Do Institutional Investors Value the 10b-5 Private Right of Action? Evidence from Investor Trading Behavior Following Morrison v. National Australia Bank Ltd. (2010)

39 Pages Posted: 4 Nov 2012 Last revised: 14 Dec 2014

Robert P. Bartlett III

University of California, Berkeley - School of Law; University of California, Berkeley - Berkeley Center for Law, Business and the Economy

Date Written: December 5, 2014

Abstract

In Morrison v. National Australia Bank (2010), the U.S. Supreme Court limited investors’ ability to bring private 10b-5 securities fraud actions to cases where the securities at issue were purchased on a United States stock exchange or were otherwise purchased in the U.S. Because many foreign firms’ securities trade simultaneously on non-U.S. venues and on U.S. exchanges, institutional investors claimed after Morrison that they would look to such firms’ U.S-traded securities to preserve their rights under 10b-5. This article tests this prediction using proprietary trading data from 378 institutional investors. The analysis reveals no evidence that investors reallocated trades in cross-listed issuers to the U.S., nor did they reallocate foreign trading to cross-listed issuers that are now clearly subject to 10b-5 securities suits. This persistence in trading appears across both money managers and pension plan sponsors, notwithstanding sponsors’ more vocal criticism of Morrison and their prominence in 10b-5 litigation.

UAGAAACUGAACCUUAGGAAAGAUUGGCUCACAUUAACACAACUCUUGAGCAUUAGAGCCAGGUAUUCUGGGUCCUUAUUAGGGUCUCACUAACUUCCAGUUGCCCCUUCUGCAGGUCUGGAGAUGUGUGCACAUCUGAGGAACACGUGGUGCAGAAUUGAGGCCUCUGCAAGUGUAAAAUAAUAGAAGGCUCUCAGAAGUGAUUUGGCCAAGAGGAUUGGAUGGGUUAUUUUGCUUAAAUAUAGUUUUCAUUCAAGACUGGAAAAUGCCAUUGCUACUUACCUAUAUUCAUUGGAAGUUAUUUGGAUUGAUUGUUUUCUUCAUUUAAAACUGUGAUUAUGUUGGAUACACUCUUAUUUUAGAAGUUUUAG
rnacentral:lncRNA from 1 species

The appendices for this paper are available at the following URL: http://ssrn.com/abstract=2537125

Keywords: 10b-5, securities fraud, class actions, institutional investors

JEL Classification: G15, G18, G23, G38

Suggested Citation

Bartlett, Robert P., Do Institutional Investors Value the 10b-5 Private Right of Action? Evidence from Investor Trading Behavior Following Morrison v. National Australia Bank Ltd. (2010) (December 5, 2014). Journal of Legal Studies, Forthcoming; UC Berkeley Public Law Research Paper No. 2171006. Available at SSRN: https://ssrn.com/abstract=2171006 or http://dx.doi.org/10.2139/ssrn.2171006

Robert P. Bartlett III (Contact Author)

University of California, Berkeley - School of Law ( email )

215 Boalt Hall
Berkeley, CA 94720-7200
United States
510-642-6646 (Phone)

University of California, Berkeley - Berkeley Center for Law, Business and the Economy

UC Berkeley School of Law
Berkeley, CA 94720

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